India

Redmi 9 Power review: Powerbank that doubles up as a phone

Unbeatable battery

Published

on

Reviewing a mobile phone has become relatively straightforward because brands like Xiaomi are releasing a new phone every month. While the successive launch of new phones has slowed down in the last few months, I’m yet to review one of the last phones of 2020 — the Redmi 9 Power.

The Redmi 9 series continues its predecessors’ legacy and aims to provide maximum features at the most affordable price. In fact, Xiaomi’s own portfolio is often confusing for the customer. The Redmi 9 Power is a brand new offering that’s supposed to be pushed to the extreme.

The Redmi 9 Prime is priced slightly lower, so what’s different about the Power? Plenty. Let’s find out!

It has a 6.5-inch LCD with a water-drop notch

The back has a grooved design that’s very grippy

For authentication, it gets a side-mounted fingerprint scanner

So far, all the usual Xiaomi features. So, what’s new?

The phone looks like a very conventional affordable phone consisting of polycarbonate construction. However, it feels very solid in hand. There’s no flimsy plastic or poor build, and I managed to drop it quite a few times, without any visible damage. Keep in mind, the plastic body is helping reduce the phone’s overall weight.

The outside of the phone may not be very amusing, but the internals indeed are. The phone packs a 6000mAh battery that supports 18W charging, so you’re practically never going to run out of juice. The phone easily lasts two days with heavy usage, and I often ended up using it as a power bank for my headphones, smartwatch, and even secondary phone (albeit very slow).

If you travel a lot, this phone can be an ideal secondary phone. It rarely runs out of charge, and you can afford to deplete your battery in low network regions. Another useful application of the phone is for studying online. Students can attend a full day’s lecture with the display switched on without needing a charger.

The Redmi 9 Power takes a little more than two hours to completely charge the battery but provides an insane screen-on-time of more than nine hours. No wonder the phone is called Power.

Designed for entertainment

IU 😍

The phone has a 6.5-inch display that’s bright enough, produces accurate colors, and offers decent viewing angles. At this point, Xiaomi has figured out the affordable display formula, and all their budget phones have consistent results.

Although, when paired with the massive battery, this phone is perfect for non-stop entertainment. Watch as many YouTube videos as you can, or maybe even binge-watch a show on Netflix. There’s a chance the show will end, but the phone still chugs along. The phone is available in 64GB and 128GB internal storage options, which is expandable via a microSD card.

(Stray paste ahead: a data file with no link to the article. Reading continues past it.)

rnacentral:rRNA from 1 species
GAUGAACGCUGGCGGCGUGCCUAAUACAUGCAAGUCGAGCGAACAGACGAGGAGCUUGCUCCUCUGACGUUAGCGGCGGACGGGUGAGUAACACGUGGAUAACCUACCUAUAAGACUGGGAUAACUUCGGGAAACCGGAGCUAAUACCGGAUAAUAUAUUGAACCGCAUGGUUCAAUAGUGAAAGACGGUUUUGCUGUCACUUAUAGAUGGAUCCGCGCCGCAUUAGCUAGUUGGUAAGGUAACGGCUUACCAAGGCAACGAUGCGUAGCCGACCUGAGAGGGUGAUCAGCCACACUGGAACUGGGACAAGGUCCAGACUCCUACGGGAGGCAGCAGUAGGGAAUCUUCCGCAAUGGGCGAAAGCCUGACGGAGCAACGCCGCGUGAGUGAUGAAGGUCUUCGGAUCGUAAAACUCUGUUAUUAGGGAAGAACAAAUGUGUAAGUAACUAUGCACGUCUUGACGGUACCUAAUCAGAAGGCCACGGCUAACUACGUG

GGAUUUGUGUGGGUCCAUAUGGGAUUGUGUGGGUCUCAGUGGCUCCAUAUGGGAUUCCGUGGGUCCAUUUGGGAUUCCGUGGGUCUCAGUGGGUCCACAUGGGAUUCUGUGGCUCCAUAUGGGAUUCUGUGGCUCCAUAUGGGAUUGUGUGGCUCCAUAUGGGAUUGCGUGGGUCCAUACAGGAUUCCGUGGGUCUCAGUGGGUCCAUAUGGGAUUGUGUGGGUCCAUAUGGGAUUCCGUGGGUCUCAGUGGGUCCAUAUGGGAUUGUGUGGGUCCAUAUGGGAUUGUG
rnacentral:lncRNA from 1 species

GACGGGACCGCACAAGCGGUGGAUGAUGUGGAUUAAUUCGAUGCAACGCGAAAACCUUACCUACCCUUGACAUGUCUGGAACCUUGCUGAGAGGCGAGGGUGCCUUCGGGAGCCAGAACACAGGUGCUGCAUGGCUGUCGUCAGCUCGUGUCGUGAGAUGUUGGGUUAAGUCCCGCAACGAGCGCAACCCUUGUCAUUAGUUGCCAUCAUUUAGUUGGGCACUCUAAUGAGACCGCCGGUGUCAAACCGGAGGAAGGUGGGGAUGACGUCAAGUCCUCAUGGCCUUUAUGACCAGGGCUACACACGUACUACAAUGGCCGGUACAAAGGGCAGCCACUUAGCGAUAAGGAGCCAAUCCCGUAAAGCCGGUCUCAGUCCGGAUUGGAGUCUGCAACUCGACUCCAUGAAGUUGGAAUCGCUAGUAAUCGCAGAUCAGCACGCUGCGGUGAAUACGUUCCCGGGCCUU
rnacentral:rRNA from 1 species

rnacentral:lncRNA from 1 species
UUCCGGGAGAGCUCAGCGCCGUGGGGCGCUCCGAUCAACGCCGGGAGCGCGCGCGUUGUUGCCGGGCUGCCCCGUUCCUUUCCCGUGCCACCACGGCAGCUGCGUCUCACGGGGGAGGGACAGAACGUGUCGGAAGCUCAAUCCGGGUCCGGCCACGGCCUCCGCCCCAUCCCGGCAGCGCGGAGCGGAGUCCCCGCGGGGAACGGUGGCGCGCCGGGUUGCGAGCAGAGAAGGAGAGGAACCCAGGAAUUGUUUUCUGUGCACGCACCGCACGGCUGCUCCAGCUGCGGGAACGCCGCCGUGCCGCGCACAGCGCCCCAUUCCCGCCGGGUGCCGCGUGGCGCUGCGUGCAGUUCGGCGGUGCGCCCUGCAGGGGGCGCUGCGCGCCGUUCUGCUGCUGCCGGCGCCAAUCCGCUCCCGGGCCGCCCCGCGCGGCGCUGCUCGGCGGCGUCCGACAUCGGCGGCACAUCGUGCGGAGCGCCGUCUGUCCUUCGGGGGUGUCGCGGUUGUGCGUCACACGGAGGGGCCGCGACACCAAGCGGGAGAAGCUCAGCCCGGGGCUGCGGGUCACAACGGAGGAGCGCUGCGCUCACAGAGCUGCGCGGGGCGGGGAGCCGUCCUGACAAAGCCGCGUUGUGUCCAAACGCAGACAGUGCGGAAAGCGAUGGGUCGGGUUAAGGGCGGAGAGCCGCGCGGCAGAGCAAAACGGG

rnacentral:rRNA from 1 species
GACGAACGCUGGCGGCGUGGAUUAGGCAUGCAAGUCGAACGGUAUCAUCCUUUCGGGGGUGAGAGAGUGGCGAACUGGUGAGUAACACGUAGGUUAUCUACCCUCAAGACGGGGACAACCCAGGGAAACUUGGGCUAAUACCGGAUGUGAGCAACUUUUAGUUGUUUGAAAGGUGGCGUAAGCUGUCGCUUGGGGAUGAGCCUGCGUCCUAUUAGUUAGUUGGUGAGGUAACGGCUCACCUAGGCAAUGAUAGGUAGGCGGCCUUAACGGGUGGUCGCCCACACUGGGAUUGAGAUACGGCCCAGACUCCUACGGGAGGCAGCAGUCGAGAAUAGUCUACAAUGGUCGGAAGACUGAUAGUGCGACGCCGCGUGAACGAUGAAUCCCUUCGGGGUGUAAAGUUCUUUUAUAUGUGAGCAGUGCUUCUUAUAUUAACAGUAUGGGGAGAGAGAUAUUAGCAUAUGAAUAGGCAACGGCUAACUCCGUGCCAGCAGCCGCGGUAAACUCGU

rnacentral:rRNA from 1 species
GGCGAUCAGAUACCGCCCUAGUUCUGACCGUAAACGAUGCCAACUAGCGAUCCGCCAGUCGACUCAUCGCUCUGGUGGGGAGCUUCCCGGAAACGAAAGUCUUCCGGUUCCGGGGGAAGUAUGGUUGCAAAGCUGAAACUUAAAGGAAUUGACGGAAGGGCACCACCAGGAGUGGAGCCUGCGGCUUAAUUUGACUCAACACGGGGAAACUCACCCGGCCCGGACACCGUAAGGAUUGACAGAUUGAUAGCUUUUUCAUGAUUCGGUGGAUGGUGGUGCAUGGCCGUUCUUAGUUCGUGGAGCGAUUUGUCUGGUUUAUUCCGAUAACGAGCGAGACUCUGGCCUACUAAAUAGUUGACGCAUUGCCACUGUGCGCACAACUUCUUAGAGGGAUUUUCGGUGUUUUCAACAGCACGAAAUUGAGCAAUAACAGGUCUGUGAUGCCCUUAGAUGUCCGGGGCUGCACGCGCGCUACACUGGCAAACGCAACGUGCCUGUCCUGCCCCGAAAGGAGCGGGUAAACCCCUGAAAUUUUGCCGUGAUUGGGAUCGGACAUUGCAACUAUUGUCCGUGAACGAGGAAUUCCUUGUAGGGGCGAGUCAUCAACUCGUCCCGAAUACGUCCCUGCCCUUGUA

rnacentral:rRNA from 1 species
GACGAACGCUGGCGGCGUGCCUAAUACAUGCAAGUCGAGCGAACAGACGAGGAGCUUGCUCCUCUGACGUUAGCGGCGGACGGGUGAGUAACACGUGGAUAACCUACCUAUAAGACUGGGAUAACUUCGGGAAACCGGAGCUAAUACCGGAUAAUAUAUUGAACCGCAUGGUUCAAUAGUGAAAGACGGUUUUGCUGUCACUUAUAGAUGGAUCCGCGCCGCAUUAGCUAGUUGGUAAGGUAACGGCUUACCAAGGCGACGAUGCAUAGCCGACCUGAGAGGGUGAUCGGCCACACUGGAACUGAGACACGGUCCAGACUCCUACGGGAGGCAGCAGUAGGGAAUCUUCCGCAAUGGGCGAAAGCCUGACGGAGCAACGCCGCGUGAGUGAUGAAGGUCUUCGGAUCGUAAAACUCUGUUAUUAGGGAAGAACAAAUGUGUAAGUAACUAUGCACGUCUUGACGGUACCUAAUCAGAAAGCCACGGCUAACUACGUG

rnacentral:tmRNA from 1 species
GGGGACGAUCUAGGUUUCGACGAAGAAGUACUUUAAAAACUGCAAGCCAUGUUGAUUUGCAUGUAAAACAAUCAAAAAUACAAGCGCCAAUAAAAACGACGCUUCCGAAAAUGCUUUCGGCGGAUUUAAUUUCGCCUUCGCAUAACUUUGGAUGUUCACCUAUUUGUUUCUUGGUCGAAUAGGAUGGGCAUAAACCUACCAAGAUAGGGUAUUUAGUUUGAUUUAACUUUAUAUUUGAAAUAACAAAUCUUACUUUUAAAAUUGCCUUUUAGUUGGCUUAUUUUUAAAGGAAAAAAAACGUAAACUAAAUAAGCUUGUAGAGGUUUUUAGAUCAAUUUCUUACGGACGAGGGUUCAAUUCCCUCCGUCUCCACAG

Powering the phone is a Snapdragon 662 chipset, which is a slightly boosted sibling of the Snapdragon 660. It incorporates a faster Adreno 610 GPU, but don’t expect a radical change in gaming experience than the Redmi 9 Prime, which an Helio G80 processor powers. The phone comes with 4GB RAM only, so it’s safe to assume that it isn’t designed for hardcore gaming.

MIUI runs smoothly on the phone and enhances the user experience to a great extent. The Android skin is conveniently customizable based on preference, and day-to-day tasks are a breeze. I tried Call of Duty: Mobile, Asphalt 9, and Sniper Fury on the phone, and all of them ran smoothly. The phone rarely heats up unless you’re pushing it to the peak with performance and charging.

A reliable set of lenses

It has a quad-camera setup that consists of a 48-megapixel primary camera, an 8-megapixel wide-angle lens, a 2-megapixel macro sensor, and a 2-megapixel depth sensor. Together, the cluster gives many options to users, and MIUI’s add-ons further extend this. In a nutshell, the pictures range from good to decent, with nothing exceptionally good or bad.

Daylight pictures are capture a lot of detail but look dull due to inaccurate color saturation. In many pictures, the highlights are blown out, further making the image look unsatisfying. The same highlights issue is also observed in low-light shots.

Indoor pictures are pretty good, but it does feel like the phone needs a lot of manual attention to click an image. Xiaomi has made phones in the past that have sported brilliant cameras for the price. The wide-angle sensor works as you’d expect it but sometimes manages to distort the edges. Thankfully, the macro and depth sensor are uniform across all Xiaomi phones.

Coming to the front, there’s a 13-megapixel shooter located in a water-drop style notch. The selfies are on point and look appealing. You can toggle on/off the beauty mode based on your requirement or even tune it. The AI-based portrait mode is pretty good actually and detects edges accurately.

Is this your GadgetMatch?

If you’re looking for a phone that never runs out of juice and keeps you away from the wall as much as possible, this phone is perfect for you. I’ve also suggested the phone to many folks who’re using a flagship phone but would love to have a secondary option at an affordable rate. The Redmi 9 Power can seamlessly complement an iPhone or a Note 10.

With a starting price of INR 11,999 (US$ 165), the phone carves a perfect balance of features that make it a must-have. The display is enjoyable, the performance is above average, an unbeatable battery, and the goodness of MIUI. If you have a slightly flexible budget, the Redmi Note 9 is also a good pick that offers a much-improved design.

India

realme shows off the realme 8’s 108MP camera

It has a lot of “firsts”

Published

on

The race for megapixels is on and realme in no mood of missing out. The phone maker has showed-off its 108-megapixel camera setup, which will be found on the upcoming realme 8 Pro.

The massive sensor not only produces a sharper image, but also brings the world’s first tilt-shift time-lapse video, starry time-lapse video, and new portrait filters. realme is confident the camera will be able to outmatch the competition. Currently, Xiaomi’s Mi 10i and Mi 10T series have a 108-megapixel camera, but the two sensors are different.